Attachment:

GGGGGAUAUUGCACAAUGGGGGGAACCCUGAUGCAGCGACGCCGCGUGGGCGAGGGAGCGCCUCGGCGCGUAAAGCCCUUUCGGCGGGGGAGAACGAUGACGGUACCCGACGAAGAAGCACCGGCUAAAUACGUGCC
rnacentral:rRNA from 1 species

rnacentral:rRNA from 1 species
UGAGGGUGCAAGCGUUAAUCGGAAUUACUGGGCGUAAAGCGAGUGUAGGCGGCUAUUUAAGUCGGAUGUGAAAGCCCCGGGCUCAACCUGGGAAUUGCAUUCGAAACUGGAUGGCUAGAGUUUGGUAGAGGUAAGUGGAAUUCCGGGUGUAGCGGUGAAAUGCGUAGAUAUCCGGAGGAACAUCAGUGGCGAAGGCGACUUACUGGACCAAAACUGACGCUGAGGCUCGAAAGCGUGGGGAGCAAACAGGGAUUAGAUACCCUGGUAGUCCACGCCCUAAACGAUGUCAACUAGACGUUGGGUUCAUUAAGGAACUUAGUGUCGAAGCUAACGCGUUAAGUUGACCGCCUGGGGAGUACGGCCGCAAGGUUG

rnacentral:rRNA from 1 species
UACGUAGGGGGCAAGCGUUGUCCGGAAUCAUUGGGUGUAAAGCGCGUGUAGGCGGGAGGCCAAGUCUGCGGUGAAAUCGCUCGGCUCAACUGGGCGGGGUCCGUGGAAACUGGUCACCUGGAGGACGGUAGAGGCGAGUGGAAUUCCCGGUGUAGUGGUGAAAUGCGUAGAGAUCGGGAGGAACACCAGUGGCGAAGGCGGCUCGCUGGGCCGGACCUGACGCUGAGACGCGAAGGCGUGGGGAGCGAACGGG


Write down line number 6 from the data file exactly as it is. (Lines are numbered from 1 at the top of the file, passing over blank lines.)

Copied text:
UACGUAGGGGGCAAGCGUUGUCCGGAAUCAUUGGGUGUAAAGCGCGUGUAGGCGGGAGGCCAAGUCUGCGGUGAAAUCGCUCGGCUCAACUGGGCGGGGUCCGUGGAAACUGGUCACCUGGAGGACGGUAGAGGCGAGUGGAAUUCCCGGUGUAGUGGUGAAAUGCGUAGAGAUCGGGAGGAACACCAGUGGCGAAGGCGGCUCGCUGGGCCGGACCUGACGCUGAGACGCGAAGGCGUGGGGAGCGAACGGG